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Texas 6-Week Abortion Ban Takes Effect, With High Court Mum

September 1, 2021by Mark Sherman, Associated Press
Texas state Rep. Donna Howard, D-Austin, center at lectern, stands with fellow lawmakers in the House Chamber in Austin, Texas, as she opposes a bill introduced that would ban abortions as early as six weeks and allow private citizens to enforce it through civil lawsuits, under a measure given preliminary approval by the Republican-dominated House.

A Texas law banning most abortions in the state took effect at midnight, but the Supreme Court has yet to act on an emergency appeal to put the law on hold.

If allowed to remain in force, the law would be the most dramatic restriction on abortion rights in the United States since the high court’s landmark Roe v. Wade decision legalized abortion across the country in 1973.

The Texas law, signed by Republican Gov. Greg Abbott in May, would prohibit abortions once a fetal heartbeat can be detected, usually around six weeks and before most women even know they’re pregnant.

Abortion providers who are asking the Supreme Court to step in said the law would rule out 85% of abortions in Texas and force many clinics to close. Planned Parenthood is among the abortion providers that have stopped scheduling abortions beyond six weeks from conception.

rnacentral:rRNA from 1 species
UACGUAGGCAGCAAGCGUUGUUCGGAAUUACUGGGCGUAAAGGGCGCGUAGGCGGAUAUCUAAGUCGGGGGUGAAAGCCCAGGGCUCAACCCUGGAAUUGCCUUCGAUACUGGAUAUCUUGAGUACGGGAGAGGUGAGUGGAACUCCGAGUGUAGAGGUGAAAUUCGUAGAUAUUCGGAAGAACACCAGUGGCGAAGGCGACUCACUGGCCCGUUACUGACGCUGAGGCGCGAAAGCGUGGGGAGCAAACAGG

President Biden said on Wednesday the Texas law “blatantly violates the constitutional right established under Roe v. Wade,” adding that it will “significantly” impair  women’s access to health care.

“Today, Texas law SB8 went into effect. This extreme Texas law blatantly violates the constitutional right established under Roe v. Wade and upheld as precedent for nearly half a century,” Biden said in a statement. “The Texas law will significantly impair women’s access to the health care they need, particularly for communities of color and individuals with low incomes.”

At least 12 other states have enacted bans on abortion early in pregnancy, but all have been blocked from going into effect.

What makes the Texas law different is its unusual enforcement scheme. Rather than have officials responsible for enforcing the law, private citizens are authorized to sue abortion providers and anyone involved in facilitating abortions. Among other situations, that would include anyone who drives a woman to a clinic to get an abortion. Under the law, anyone who successfully sues another person would be entitled to at least $10,000.

Abortion opponents who wrote the law also made it difficult to challenge the law in court, in part because it’s hard to know whom to sue.

Texas has long had some of the nation’s toughest abortion restrictions, including a sweeping law passed in 2013 that the Supreme Court eventually struck down but not before more than half of the state’s 40-plus abortion clinics closed.

Lawmakers also are moving forward in an ongoing special session in Texas with proposed new restrictions on medication abortion, a method using pills that accounts for roughly 40% of abortions in the U.S.

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